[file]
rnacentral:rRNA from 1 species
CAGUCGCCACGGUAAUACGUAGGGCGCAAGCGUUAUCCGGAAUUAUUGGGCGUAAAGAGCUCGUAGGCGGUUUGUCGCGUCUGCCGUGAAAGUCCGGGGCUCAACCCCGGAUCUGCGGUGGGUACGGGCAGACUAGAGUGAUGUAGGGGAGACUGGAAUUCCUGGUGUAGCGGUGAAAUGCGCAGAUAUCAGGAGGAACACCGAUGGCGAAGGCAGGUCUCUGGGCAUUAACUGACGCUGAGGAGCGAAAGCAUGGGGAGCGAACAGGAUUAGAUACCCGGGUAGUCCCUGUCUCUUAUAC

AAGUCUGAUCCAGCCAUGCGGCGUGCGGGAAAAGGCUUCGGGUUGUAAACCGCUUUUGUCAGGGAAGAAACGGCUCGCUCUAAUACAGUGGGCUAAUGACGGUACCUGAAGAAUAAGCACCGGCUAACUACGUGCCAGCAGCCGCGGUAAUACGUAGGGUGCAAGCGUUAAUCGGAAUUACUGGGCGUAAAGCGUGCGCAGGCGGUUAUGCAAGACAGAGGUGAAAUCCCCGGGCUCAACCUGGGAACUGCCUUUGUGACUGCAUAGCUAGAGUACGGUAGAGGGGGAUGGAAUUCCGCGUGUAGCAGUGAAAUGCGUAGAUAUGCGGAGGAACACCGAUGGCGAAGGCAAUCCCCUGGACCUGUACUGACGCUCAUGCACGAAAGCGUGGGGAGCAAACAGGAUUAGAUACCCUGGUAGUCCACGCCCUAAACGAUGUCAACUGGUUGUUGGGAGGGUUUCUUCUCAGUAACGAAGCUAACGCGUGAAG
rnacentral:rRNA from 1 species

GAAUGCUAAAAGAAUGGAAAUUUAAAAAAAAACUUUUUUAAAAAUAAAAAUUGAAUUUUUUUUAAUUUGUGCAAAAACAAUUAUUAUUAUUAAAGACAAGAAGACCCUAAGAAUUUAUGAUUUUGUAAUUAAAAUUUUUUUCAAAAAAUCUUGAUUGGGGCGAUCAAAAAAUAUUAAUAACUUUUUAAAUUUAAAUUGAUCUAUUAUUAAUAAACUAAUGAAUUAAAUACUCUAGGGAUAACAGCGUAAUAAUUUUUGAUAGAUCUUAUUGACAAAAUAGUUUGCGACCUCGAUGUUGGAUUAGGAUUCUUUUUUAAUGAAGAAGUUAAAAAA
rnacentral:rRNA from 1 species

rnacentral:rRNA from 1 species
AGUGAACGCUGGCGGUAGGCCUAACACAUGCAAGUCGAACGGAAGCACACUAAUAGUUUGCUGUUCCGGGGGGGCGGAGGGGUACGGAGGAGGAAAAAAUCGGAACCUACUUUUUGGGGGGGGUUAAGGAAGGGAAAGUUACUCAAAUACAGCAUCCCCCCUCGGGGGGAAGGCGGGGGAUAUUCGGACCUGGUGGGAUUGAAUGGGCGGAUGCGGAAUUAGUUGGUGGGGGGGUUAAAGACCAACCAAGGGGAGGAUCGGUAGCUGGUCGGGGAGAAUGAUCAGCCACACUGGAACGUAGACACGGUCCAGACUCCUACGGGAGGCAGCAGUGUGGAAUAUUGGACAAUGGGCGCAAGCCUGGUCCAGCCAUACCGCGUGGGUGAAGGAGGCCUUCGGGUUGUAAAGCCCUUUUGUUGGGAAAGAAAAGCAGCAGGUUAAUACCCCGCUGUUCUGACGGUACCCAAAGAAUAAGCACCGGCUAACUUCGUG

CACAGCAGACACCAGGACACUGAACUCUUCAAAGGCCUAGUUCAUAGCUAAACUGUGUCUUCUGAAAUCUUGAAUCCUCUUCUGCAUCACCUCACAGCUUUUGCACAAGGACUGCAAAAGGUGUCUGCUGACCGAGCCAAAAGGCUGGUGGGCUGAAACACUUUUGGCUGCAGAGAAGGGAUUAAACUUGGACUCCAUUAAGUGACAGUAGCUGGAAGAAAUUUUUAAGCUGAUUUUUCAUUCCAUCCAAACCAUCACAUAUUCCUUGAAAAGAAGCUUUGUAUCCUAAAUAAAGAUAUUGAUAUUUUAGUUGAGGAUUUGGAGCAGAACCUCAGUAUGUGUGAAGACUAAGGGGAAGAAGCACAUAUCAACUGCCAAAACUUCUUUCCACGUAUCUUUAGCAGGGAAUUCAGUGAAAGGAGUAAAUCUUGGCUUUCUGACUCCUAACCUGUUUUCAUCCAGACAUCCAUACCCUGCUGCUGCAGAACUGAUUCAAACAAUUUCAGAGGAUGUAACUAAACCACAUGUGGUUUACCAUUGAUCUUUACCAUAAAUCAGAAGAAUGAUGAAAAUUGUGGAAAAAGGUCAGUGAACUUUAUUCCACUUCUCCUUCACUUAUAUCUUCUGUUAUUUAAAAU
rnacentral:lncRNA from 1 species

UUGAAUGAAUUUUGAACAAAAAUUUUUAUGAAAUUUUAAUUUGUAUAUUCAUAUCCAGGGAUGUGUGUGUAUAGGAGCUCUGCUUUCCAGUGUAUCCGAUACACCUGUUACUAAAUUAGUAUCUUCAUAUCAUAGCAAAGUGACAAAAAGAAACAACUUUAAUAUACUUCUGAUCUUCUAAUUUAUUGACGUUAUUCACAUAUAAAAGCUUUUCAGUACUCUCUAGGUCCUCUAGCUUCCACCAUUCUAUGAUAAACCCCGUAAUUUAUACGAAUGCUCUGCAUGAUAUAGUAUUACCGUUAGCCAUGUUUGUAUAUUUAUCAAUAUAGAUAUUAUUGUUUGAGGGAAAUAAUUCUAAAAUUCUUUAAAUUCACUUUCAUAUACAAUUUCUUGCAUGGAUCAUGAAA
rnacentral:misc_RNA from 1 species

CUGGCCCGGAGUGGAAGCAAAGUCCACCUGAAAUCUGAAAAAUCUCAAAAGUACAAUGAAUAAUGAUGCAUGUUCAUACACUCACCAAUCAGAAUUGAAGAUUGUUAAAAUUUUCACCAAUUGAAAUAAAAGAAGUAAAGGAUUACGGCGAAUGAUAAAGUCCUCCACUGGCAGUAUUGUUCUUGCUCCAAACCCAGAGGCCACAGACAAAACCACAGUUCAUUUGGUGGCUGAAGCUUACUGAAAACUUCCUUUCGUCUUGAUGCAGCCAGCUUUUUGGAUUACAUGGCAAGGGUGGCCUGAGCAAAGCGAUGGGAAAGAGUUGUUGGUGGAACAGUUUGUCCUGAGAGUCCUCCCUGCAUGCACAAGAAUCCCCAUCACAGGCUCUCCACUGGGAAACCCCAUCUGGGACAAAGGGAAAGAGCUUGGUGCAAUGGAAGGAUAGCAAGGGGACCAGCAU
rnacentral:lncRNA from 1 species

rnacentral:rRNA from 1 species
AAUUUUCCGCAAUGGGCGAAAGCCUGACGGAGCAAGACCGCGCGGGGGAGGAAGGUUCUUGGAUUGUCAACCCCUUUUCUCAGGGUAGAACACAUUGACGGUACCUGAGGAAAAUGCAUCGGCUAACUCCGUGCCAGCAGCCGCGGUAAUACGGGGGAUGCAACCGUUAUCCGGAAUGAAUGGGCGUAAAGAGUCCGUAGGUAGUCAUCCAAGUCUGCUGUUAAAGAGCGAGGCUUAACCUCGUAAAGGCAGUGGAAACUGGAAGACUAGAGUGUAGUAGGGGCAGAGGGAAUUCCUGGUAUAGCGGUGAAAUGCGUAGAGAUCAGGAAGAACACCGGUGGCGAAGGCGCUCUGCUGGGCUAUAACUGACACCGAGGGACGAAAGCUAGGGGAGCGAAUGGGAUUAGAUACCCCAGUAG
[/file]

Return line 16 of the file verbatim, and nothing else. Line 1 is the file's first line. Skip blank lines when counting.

AAUUUUCCGCAAUGGGCGAAAGCCUGACGGAGCAAGACCGCGCGGGGGAGGAAGGUUCUUGGAUUGUCAACCCCUUUUCUCAGGGUAGAACACAUUGACGGUACCUGAGGAAAAUGCAUCGGCUAACUCCGUGCCAGCAGCCGCGGUAAUACGGGGGAUGCAACCGUUAUCCGGAAUGAAUGGGCGUAAAGAGUCCGUAGGUAGUCAUCCAAGUCUGCUGUUAAAGAGCGAGGCUUAACCUCGUAAAGGCAGUGGAAACUGGAAGACUAGAGUGUAGUAGGGGCAGAGGGAAUUCCUGGUAUAGCGGUGAAAUGCGUAGAGAUCAGGAAGAACACCGGUGGCGAAGGCGCUCUGCUGGGCUAUAACUGACACCGAGGGACGAAAGCUAGGGGAGCGAAUGGGAUUAGAUACCCCAGUAG